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View looking west at the Theater in Syracuse. It was originally built in the fifth–century B.C. and was refurbished in the third–century B.C. and in the Roman Period. Much of the seating area is carved out of the Temenite Hill. Theaters that were originally built in the Greek Period are slightly larger than a half circle and are typically built into a hillside—as is this theater.
The cavea had a diameter of 452 feet, one of the largest in the Greek world, and originally had 67 rows of seating, mostly cut into the living rock, and divided into nine sectors (cunei) by access stairs. A pathway (diazoma) runs around the theatre halfway up the cavea, dividing it in two.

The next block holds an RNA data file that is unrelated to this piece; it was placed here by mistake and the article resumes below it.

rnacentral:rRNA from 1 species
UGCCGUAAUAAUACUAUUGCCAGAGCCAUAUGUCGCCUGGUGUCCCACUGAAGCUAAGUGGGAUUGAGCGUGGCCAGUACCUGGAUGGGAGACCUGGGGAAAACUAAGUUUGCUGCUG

In the far upper right is a rock–scarp into which the Grotta del Ninfeo was carved.
For additional information see Wikipedia Here.